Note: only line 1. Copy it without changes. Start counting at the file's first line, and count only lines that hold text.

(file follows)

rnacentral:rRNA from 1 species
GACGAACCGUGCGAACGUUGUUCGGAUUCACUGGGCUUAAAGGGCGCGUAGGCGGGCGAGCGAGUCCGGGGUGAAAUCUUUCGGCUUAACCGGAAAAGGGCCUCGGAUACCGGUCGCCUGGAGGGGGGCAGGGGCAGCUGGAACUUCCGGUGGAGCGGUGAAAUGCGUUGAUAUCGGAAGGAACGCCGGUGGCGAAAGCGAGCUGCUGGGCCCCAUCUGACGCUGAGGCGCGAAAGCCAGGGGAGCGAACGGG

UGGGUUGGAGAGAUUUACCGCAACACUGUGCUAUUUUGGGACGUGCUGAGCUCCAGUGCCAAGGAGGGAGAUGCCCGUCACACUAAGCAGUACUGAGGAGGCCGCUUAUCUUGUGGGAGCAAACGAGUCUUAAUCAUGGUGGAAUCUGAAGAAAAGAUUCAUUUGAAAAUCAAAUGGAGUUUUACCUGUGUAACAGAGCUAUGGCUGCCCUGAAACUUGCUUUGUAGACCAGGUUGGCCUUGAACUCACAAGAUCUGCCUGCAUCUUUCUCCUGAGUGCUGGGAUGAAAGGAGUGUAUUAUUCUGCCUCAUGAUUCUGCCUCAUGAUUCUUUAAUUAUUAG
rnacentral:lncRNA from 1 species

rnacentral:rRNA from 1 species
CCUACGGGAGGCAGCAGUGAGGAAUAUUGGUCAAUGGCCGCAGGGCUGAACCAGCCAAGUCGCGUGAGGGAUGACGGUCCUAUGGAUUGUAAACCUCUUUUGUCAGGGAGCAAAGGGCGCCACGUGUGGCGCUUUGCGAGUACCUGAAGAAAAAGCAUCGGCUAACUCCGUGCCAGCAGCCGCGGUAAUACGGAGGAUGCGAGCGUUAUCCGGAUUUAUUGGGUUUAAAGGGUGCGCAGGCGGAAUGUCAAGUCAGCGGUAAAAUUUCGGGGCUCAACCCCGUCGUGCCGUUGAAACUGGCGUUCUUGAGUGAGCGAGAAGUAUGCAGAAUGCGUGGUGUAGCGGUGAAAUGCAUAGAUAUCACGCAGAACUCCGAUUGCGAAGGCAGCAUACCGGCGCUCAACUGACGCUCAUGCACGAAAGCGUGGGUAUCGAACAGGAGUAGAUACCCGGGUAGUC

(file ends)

rnacentral:rRNA from 1 species